Option 1 means we are introducing an incompatibility with upstream, which may lead to strange bugs in future versions. This also means a full rewrite of the InnoDB fulltext code which is always risky in GA versions, used by our customers.

Option 2 means we may hit flaws in the jemalloc library which is designed for performance and not for the safest memory allocation.

So we have to choose between these two not ideal solutions.

Since option 1 may lead to a situation when Percona Server will be incompatible with upstream, we prefer option 2 and look forward for the upstream fix of this bug.


If you are seeing a high memory usage by the mysqld process, it is not always a symptom of a memory leak. You can use memory instrumentation in Performance Schema to find out how allocated memory is used. Try alternative memory libraries for better processing of allocations and freeing of memory. Search the user manual for LD_PRELOAD to find out how to set it up at these pages here and here.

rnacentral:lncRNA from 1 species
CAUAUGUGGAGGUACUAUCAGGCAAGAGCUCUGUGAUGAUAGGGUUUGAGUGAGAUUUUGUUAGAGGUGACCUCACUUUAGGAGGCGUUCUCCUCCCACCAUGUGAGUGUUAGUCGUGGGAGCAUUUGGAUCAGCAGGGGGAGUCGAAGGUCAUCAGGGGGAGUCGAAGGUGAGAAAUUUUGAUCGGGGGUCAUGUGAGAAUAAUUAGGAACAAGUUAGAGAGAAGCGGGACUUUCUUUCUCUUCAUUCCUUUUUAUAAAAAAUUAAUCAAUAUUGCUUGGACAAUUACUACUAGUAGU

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Comments (3)

  • Simon Mudd

    Hi Sveta,

    I have bumped into a similar issue over the last few months that is very similar if not the same.
    The related bug: also reported as not a bug (

    In my case a server upgrading from MariaDB 10.1 to 10.3 suddenly started exhibiting higher memory usage, triggering OOM conditions. Changing the memory allocator resolved the issue. (I used tcmalloc.)

    What somewhat surprised me was this happened on the same underlying OS so clearly the access patterns to glibc’s malloc() must have changed to trigger this. (as queries did not change and 10.1 had been working fine). The symptoms were recognised as being true, but the “problem was the memory allocator” so “not an issue”.